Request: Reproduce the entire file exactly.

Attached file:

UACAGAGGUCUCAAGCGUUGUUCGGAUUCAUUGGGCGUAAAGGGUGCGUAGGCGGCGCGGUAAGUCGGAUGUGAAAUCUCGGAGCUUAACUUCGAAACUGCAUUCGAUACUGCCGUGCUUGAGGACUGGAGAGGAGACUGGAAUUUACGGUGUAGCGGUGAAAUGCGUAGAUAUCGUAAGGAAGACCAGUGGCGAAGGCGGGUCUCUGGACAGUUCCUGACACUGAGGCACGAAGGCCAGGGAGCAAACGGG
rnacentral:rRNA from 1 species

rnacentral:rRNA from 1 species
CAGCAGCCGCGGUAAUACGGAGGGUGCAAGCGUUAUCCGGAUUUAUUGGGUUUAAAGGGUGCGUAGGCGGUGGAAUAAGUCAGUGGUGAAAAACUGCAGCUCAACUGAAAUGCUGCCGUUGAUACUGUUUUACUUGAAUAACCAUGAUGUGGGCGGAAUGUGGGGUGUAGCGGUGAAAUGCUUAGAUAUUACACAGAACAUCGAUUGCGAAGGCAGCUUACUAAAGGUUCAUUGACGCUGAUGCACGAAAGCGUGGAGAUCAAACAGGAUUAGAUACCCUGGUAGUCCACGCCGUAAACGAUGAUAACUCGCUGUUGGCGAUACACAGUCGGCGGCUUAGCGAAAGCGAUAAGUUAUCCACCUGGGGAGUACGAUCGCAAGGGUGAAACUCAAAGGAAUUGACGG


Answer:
UACAGAGGUCUCAAGCGUUGUUCGGAUUCAUUGGGCGUAAAGGGUGCGUAGGCGGCGCGGUAAGUCGGAUGUGAAAUCUCGGAGCUUAACUUCGAAACUGCAUUCGAUACUGCCGUGCUUGAGGACUGGAGAGGAGACUGGAAUUUACGGUGUAGCGGUGAAAUGCGUAGAUAUCGUAAGGAAGACCAGUGGCGAAGGCGGGUCUCUGGACAGUUCCUGACACUGAGGCACGAAGGCCAGGGAGCAAACGGG
rnacentral:rRNA from 1 species

rnacentral:rRNA from 1 species
CAGCAGCCGCGGUAAUACGGAGGGUGCAAGCGUUAUCCGGAUUUAUUGGGUUUAAAGGGUGCGUAGGCGGUGGAAUAAGUCAGUGGUGAAAAACUGCAGCUCAACUGAAAUGCUGCCGUUGAUACUGUUUUACUUGAAUAACCAUGAUGUGGGCGGAAUGUGGGGUGUAGCGGUGAAAUGCUUAGAUAUUACACAGAACAUCGAUUGCGAAGGCAGCUUACUAAAGGUUCAUUGACGCUGAUGCACGAAAGCGUGGAGAUCAAACAGGAUUAGAUACCCUGGUAGUCCACGCCGUAAACGAUGAUAACUCGCUGUUGGCGAUACACAGUCGGCGGCUUAGCGAAAGCGAUAAGUUAUCCACCUGGGGAGUACGAUCGCAAGGGUGAAACUCAAAGGAAUUGACGG